A new client recently asked us to help them address a major pain point – a struggling CRM implementation. In the previous year, they had invested heavily in a new tool to drive sales efficiencies. A few months following the launch, adoption numbers were nowhere near the predictions and in turn ROI wasn’t realized. Their story isn’t unique – between 60-70% of all CRM launches fail. Leading a re-implementation may seem daunting, but second passes can provide a great opportunity to be successful. You can leverage lessons learned to create a user-centric experience that will turn a detractor into a champion and get buy-in from executives on the necessity of visible engagement. With these types of projects, don’t let your team think of themselves as part of the clean-up crew – it’s time to save the day and be the heroes!
What Went Wrong: Facilitating Productive Review Sessions
The old saying “any press is good press” simply doesn’t hold true when it comes to CRM adoption results. When numbers are in the red, tensions will be high and people will be quick to point fingers and assign blame. As a re-implementation partner, creating the framework for open and constructive feedback in a formal product review session is a critical first step. Here are a few tips to making your session as productive as possible:
- As pre-work, get to know your stakeholder groups. This group should have a wide range of roles – from top level managers to daily end users. Be sure to get a mix of people who championed the prior system as well as those who were the most vocal detractors. Have as many one-on-one socialization meetings as possible prior to holding a larger, formal meeting. Informal chats over lunch or coffee are great ways to get participants to open up about their view of how the launch could’ve been handled differently or what functionality isn’t working or is altogether missing.
- Synthesize this feedback in advance to create an agenda that can buffer hot topics with facts and present opinions in a non-abrasive way.
- At the start of your session, clearly state your goal – to walk away with a list of system changes needed and the business value behind them. Focus on finding the “what’s in it for me” (WIIFM) that will drive user excitement as well as the “who cares” to uncover ways that executive buy-in or engagement will reinforce adoption.
- Review the agenda with the group to prevent rabbit holes – and create a “parking lot” area for ideas that should be discussed outside of this session’s mission. This ensures that participants won’t feel silenced or shut down even if their point can’t be fully unpacked in this meeting.
- Don’t let your squeaky wheels monopolize the conversation – facilitate in a way that draws out all participants. You may need to use multiple techniques, including providing post-its and pens for people to write down their feedback and post it on the wall for the team to prioritize and flesh out.
- Separate what’s real from what was miscommunicated. The pre-work here will come into play as well – make sure you understand what was actually “wrong” with the tool itself versus what users didn’t understand or weren’t properly trained on. Be ready to discuss ways to better communicate for the relaunch, turning a potential vent into a useful training requirement.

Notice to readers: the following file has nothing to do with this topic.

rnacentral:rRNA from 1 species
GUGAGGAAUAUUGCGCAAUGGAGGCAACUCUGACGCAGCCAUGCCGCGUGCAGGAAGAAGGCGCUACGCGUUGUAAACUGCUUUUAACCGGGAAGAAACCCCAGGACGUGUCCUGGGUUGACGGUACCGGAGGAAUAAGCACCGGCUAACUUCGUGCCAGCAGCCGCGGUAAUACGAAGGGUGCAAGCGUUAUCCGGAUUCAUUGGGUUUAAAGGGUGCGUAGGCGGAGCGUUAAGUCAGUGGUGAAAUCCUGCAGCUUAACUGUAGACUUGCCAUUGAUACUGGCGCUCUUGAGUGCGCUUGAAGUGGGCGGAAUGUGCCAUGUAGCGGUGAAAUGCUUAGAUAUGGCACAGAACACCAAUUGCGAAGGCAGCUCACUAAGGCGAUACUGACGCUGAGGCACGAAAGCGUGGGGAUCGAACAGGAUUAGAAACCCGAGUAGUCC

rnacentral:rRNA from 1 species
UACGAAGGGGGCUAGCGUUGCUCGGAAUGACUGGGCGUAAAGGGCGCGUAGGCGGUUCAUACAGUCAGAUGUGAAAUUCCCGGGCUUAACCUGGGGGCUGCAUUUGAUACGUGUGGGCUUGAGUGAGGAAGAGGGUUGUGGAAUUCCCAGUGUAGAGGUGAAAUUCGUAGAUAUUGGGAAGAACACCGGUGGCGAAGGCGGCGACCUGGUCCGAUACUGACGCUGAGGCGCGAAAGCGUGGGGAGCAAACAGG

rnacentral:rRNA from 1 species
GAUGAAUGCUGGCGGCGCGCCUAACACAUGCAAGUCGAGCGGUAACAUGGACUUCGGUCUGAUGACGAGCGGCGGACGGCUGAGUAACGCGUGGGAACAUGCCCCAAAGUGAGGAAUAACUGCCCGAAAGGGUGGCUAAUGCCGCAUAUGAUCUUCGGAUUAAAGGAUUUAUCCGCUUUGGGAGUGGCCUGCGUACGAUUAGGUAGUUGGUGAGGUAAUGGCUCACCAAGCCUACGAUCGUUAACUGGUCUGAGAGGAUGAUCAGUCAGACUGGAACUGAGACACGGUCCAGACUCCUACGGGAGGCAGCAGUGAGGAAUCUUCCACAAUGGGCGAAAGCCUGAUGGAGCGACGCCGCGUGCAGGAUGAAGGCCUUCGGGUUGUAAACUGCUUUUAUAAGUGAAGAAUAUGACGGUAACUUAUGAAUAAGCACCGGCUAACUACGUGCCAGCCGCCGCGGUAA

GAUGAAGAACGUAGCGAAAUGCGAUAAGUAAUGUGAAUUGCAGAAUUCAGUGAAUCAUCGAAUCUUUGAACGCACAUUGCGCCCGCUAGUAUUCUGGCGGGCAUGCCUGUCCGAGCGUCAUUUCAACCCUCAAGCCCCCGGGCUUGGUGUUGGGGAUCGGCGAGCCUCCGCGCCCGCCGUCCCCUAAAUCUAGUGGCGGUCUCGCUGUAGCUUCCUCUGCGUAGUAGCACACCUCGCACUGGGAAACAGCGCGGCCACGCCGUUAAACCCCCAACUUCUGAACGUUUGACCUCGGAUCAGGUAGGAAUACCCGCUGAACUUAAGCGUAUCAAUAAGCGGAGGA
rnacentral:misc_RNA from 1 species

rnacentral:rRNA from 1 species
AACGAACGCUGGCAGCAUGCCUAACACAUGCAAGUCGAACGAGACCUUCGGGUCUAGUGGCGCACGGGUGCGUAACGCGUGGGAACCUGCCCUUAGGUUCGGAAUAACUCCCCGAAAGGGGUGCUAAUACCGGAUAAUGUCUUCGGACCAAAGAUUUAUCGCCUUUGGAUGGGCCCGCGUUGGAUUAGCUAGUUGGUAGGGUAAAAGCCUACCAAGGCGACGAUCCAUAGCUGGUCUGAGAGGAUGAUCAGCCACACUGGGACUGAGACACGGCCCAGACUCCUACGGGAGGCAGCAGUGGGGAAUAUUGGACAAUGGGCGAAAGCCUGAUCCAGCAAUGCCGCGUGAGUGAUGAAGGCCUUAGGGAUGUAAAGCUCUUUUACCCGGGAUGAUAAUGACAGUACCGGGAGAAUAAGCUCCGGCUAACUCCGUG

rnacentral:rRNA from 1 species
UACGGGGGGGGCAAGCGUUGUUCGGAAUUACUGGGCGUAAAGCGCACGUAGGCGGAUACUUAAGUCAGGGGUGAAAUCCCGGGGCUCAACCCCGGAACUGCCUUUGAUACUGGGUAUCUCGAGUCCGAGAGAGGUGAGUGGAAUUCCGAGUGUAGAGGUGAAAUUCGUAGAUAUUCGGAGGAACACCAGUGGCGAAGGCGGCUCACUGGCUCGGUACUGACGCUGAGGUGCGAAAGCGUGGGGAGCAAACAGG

- Communicate, communicate, communicate – after the meeting, send a recap with any action items and a high level view of next steps. Keep your project team and stakeholders up-to-date on the progress to maintain momentum and energy leading up to a relaunch.
Delighting the Detractors: Turning Naysayers into Ground-level Champions
As you get to know the users who were more critical of the application, focus on turning them into the grassroots champions of the relaunch. This may be as simple as showing them their voice is being heard as new developments are made, or it may be more challenging where you’ll have to convince them of the value of a new business process. Change is never easy, but if someone has ownership in the change, their engagement will skyrocket.
Take it from the Top: Why Visible Executive Buy-in is a Must
We know that managers are critical to the success of a relaunch, but users want to know that the time and effort they put in to learning a new tool or process is valued. Executives can show this value not only through changing the way teams are measured to align with the new business goals, but also through regular engagement with the tool itself. The social component available in many CRMs today is a great way to reinforce expectations and to associate camaraderie and kudos with the CRM by commenting on high profile deals won, opening up best practice discussions that allow users to interact with C-level execs or even utilizing the social stream as part of near-real-time user support.
If you’re asked to manage a re-implementation, you have a wealth of experiences and feedback at your fingertips to achieve quick wins and long term goals. Listen to that feedback, create champions at all levels of the organization, focus the relaunch on the “WIIFMs”, create executive visibility and err on the side of over communication by using tools like Social CRM. It doesn’t take a hero to re-implement CRM, although your team may be treated like one following an adoption boost.